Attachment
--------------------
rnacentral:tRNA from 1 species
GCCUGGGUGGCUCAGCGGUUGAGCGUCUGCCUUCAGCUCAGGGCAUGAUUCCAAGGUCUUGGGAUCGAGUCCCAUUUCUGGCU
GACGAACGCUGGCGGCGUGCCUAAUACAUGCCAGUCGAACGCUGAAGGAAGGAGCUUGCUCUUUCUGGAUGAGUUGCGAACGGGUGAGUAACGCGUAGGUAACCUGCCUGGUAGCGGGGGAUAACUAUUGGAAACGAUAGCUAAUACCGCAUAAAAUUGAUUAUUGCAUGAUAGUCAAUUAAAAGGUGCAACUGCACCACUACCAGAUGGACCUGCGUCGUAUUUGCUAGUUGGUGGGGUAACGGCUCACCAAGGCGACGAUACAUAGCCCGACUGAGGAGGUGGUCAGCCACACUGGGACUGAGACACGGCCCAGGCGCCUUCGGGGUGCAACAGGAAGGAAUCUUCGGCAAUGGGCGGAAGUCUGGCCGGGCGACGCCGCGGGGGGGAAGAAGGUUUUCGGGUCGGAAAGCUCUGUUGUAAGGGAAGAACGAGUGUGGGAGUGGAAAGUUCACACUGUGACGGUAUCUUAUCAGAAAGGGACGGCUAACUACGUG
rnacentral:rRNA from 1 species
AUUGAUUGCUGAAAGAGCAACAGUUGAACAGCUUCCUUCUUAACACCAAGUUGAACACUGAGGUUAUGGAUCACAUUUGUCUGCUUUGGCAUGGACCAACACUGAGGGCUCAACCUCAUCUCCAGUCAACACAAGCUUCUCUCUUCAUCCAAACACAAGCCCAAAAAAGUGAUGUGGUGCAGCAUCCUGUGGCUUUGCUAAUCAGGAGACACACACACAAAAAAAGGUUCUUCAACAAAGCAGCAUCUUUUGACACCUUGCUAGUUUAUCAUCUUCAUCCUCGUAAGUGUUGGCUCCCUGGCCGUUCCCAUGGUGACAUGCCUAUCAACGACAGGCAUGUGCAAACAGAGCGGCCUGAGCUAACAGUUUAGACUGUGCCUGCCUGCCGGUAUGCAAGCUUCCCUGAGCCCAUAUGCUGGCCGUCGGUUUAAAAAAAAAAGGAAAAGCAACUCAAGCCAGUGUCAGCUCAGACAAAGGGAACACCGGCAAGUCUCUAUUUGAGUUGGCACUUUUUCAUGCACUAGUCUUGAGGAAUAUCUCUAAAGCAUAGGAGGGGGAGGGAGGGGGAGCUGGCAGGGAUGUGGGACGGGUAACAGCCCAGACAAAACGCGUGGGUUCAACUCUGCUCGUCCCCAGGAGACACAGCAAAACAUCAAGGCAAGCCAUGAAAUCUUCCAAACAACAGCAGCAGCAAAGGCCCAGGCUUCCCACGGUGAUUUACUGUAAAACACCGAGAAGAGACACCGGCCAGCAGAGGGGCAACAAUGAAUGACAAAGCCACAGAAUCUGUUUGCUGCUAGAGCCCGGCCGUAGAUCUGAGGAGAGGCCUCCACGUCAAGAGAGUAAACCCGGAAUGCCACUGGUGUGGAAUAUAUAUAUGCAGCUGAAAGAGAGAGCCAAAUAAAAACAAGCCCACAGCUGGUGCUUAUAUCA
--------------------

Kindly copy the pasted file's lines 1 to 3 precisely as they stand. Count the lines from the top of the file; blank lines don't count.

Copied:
rnacentral:tRNA from 1 species
GCCUGGGUGGCUCAGCGGUUGAGCGUCUGCCUUCAGCUCAGGGCAUGAUUCCAAGGUCUUGGGAUCGAGUCCCAUUUCUGGCU
GACGAACGCUGGCGGCGUGCCUAAUACAUGCCAGUCGAACGCUGAAGGAAGGAGCUUGCUCUUUCUGGAUGAGUUGCGAACGGGUGAGUAACGCGUAGGUAACCUGCCUGGUAGCGGGGGAUAACUAUUGGAAACGAUAGCUAAUACCGCAUAAAAUUGAUUAUUGCAUGAUAGUCAAUUAAAAGGUGCAACUGCACCACUACCAGAUGGACCUGCGUCGUAUUUGCUAGUUGGUGGGGUAACGGCUCACCAAGGCGACGAUACAUAGCCCGACUGAGGAGGUGGUCAGCCACACUGGGACUGAGACACGGCCCAGGCGCCUUCGGGGUGCAACAGGAAGGAAUCUUCGGCAAUGGGCGGAAGUCUGGCCGGGCGACGCCGCGGGGGGGAAGAAGGUUUUCGGGUCGGAAAGCUCUGUUGUAAGGGAAGAACGAGUGUGGGAGUGGAAAGUUCACACUGUGACGGUAUCUUAUCAGAAAGGGACGGCUAACUACGUG